Biden reconciliation framework costs $1.75T, includes $1.995 trillion in tax hikes, White House says

President coming to Capitol to sell plan to Democrat lawmakers

The reconciliation framework President Biden plans to announce to House Democrats at their 9 a.m. caucus meeting will include an estimated $1.995 trillion pay-fors, including a tax on stock buybacks, efforts by the IRS to stop tax dodgers and more. 

The plan will also include a child tax credit, universal preschool, and a modified Medicaid expansion, among other things. Notably not in the plan are universal community college, paid family leave, and other policies. 

President Biden speaks about the COVID-19 relief package in the State Dining Room of the White House, Monday, March 15, 2021, in Washington. Biden is visiting House Democrats on Capitol Hill to sell his reconciliation framework Thursday morning. (AP (AP / AP Images)

"The president believes this framework will earn the support of all 50 Democratic senators and pass the House," a senior administration official said of the plan Thursday morning. "He will defer to Speaker Pelosi… on the specific timing of votes, but he will be full-throated that he believes each of these bills should pass when they come."


An official added: "We're not going to speak for any lawmakers from here… But our bottom line is we are confident that this will earn the support of every Democratic senator pass the House."

Speaker of the House Nancy Pelosi, D-Calif., meets with reporters to discuss President Joe Biden's domestic agenda Wednesday, Sept. 8, 2021. Pelosi has a tall task in front of her to get progressives to support the bipartisan infrastructure bill. (AP (AP Photo/J. Scott Applewhite / AP Newsroom)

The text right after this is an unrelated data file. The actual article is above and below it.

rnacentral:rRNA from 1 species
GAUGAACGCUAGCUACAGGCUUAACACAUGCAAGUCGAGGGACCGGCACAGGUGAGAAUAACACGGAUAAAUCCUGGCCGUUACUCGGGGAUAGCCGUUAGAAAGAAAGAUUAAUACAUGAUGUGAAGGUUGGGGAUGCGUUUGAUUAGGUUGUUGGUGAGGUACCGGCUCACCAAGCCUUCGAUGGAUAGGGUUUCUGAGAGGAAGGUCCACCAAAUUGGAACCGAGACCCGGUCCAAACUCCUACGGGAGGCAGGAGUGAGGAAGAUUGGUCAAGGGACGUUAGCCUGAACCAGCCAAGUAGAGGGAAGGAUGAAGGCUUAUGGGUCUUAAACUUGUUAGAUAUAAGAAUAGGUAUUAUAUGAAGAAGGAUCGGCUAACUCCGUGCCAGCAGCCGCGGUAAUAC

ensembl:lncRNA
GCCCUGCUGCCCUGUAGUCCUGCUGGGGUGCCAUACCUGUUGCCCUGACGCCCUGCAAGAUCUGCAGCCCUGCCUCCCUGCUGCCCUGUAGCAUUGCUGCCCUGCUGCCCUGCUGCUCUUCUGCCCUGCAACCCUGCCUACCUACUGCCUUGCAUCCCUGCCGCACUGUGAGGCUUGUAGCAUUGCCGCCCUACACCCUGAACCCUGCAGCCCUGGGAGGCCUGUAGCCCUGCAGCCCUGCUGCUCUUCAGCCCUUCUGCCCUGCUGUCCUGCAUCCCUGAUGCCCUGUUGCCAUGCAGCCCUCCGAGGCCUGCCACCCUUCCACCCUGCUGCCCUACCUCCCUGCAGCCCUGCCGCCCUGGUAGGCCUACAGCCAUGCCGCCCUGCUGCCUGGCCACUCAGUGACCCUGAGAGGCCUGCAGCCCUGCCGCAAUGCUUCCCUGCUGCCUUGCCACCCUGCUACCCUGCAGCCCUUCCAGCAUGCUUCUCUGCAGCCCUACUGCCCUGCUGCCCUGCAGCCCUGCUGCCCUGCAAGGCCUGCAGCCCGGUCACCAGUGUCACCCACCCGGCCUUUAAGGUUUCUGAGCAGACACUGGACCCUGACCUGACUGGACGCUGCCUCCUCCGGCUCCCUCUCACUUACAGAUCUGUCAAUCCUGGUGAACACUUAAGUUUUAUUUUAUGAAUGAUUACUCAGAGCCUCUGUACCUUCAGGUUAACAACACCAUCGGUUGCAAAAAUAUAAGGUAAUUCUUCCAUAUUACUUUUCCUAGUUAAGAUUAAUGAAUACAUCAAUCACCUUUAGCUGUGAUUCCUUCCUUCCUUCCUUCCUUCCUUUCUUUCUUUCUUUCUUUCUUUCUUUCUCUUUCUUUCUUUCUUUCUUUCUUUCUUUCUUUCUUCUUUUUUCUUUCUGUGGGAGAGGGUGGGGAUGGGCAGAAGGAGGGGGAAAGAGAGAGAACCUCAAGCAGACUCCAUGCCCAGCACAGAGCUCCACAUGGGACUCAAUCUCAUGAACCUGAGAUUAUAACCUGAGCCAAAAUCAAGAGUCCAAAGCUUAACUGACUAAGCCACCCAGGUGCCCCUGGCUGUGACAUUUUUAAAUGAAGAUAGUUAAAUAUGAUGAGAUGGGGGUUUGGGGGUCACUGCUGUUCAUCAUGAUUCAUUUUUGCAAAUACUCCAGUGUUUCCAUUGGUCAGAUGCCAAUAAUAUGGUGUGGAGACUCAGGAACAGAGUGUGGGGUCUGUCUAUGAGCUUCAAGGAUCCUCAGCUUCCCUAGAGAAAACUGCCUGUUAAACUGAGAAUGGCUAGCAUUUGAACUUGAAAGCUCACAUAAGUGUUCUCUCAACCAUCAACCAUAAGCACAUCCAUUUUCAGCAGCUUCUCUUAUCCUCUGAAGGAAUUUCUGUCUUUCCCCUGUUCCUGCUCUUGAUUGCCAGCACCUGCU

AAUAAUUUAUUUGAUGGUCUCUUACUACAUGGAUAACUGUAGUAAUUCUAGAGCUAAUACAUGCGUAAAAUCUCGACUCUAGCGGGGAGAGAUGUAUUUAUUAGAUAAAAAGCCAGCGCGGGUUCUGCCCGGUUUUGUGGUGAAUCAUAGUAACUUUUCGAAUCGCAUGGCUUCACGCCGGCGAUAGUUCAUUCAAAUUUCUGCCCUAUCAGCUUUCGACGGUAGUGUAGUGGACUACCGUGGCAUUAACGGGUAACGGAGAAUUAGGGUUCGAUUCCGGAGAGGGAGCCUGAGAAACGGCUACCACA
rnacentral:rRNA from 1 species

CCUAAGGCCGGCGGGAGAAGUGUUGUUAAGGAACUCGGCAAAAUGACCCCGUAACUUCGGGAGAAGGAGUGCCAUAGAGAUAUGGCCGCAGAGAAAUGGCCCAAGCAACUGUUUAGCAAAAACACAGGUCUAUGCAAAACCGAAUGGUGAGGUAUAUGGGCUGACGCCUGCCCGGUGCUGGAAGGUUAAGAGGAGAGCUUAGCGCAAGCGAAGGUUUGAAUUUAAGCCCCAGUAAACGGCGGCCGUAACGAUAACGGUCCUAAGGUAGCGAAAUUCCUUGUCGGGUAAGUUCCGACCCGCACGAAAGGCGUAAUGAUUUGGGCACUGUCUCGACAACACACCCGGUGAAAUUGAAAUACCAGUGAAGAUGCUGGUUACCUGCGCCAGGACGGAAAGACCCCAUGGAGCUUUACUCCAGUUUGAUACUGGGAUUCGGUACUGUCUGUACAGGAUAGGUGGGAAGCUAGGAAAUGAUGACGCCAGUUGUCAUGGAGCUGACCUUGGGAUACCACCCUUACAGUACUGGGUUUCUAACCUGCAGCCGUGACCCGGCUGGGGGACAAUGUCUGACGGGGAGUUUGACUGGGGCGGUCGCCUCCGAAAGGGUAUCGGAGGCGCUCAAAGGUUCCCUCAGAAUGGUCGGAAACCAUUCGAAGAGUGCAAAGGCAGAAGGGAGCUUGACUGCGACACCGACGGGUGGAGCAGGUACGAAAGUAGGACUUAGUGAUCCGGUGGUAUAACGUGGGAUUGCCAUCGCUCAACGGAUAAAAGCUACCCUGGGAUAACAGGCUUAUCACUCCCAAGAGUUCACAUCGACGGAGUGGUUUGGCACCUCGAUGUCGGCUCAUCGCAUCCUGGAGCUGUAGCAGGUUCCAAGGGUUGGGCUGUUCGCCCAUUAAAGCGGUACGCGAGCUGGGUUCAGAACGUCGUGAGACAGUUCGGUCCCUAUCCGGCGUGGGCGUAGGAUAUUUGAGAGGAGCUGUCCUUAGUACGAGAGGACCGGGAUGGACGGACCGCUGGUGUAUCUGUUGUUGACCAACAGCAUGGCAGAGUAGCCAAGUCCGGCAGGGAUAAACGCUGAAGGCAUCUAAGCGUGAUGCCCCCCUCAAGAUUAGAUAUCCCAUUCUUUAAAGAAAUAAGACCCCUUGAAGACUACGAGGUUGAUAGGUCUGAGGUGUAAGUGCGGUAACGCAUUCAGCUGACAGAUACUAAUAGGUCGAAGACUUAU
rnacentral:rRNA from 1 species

The White House estimates that its plan will cost $1.75 trillion, and that its pay-fors would raise $1.995 trillion. There is no bill text to these claims have not actually been evaluated by the Congressional Budget Office or any independent watchdogs. 

Among the pay-fors will be a 15% corporate minimum tax ($325 billion) ; a 1% surcharge on corporate stock buybacks ($125 billion); a global minimum tax of 15% and a penalty for foreign companies that are based in countries without a minimum tax ($350 billion); a millionaires and billionaires surtax ($230 billion); closing a Medicare tax loophole ($250 billion); increased IRS enforcement aimed at the wealthy ($400 billion); limiting tax deductions for business losses for wealthy people ($170 billion); and the repeal of the prescription drug rebate rule ($145 billion).


Rep. Pramila Jayapal, D-Wash., participates in the news conference in the Capitol on Wednesday, June 16, 2021. Jayapal is among the progressive Democrats who say they won't vote for an infrastructure bill without (Photo by Bill Clark/CQ-Roll Call, In (Photo by Bill Clark/CQ-Roll Call, Inc via Getty Images / Getty Images)

Top Democrats will not only have to get all members on board with the reconciliation framework, but they'll also need to convince House progressives to support the bipartisan infrastructure bill while reconciliation is still just a framework. 

The reason the president is announcing this framework now is to get progressives to stop blocking the infrastructure bill before he goes to Europe for a climate summit.

Progressives killed the infrastructure bill last month in similar circumstances and many are still demanding that a legislative text of reconciliation be ready to pass before they vote on infrastructure.


Biden's framework is far from a bill, which wil llikely be hundreds of pages if not thousands. It is instead two fact sheets of fewer than 10 pages. 

FOX Business' Erin McEwan contributed to this report.